How rarely does the House express its will against that of the Executive on any particular Amendment. If the Chancellor is determined that the ways and means that have been suggested by the Executive, of which he is a member and the mouthpiece, are the ones to be followed, he has the power of his party and of his Government behind him in forcing that upon the House. Great injustice might be done. That is much more likely in small matters than in big ones. The only case I can recall within 40 years where the House has taken a different view from the Executive on a major matter was when the late Mr. Neville Chamberlain was Chancellor of the Exchequer, just before he become Prime Minister. He introduced, as a part of the ways and means of providing the required Supply in his Budget, a new form of taxation which he called the National Defence Contribution. The necessary Resolution was passed. It was then included in the Finance Bill. But when it came before the House the feeling of the House, as representing the taxpayers, was so strong that the House enforced its will upon the Executive, and the Prime Minister, as he then was, had to withdraw the tax. That is a case of the House taking the interest which it should take in matters of taxation, because it represents the people, as against the Executive, in providing the ways and means by which the Executive can carry on. But in smaller matters, which perhaps directly affect only some aspect, and only indirectly affect the whole, the Executive has a tendency to become all-powerful.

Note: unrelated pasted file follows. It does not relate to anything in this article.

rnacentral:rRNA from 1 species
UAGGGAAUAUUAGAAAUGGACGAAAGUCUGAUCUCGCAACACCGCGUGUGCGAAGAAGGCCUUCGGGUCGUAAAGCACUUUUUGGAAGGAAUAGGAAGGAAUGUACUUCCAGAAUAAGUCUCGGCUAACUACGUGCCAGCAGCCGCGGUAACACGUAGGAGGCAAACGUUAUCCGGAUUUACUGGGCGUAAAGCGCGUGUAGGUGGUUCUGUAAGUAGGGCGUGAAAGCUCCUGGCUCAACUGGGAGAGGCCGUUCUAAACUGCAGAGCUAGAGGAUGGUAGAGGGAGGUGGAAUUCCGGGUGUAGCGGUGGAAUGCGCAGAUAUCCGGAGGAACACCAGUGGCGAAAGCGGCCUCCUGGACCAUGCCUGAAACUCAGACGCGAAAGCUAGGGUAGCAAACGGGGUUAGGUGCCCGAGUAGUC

May I mention the instance of Clause 22 of this Bill? The matter was discussed in Committee and the Chancellor replied. There was not a very full Committee. If we had challenged a Division, the Chancellor would have had the full power of the Government behind him, he having accepted the advice that was tendered to him by his officials. Whether that advice, given to him, as it is, by very able men, would take account of the possibilities and the difficulties that would arise, one does not know. I want to join in paying the highest tribute to the officials of the Treasury for their ability, their high-mindedness, and their care in dealing with these matters, but, in their nature, they would take the line, I will not say of least resistance, but which would enable them, following their old rules, to collect the taxation with the least possible trouble. That might bring injustice on the people. It is the duty of the House to inquire into that.

The Chancellor of the Exchequer (Sir Kingsley Wood)

No, Sir; it is the duty of the Chancellor of the Exchequer. My hon. Friend is trying to make a distinction between the officials who advise me and the Chancellor of the Exchequer. There is not a person who knows the constitutional position who would not agree with me, that I could not let that go unchallenged. I would deprecate very much this endeavour to draw a distinction which has never been attempted or made in this House.

Mr. Davies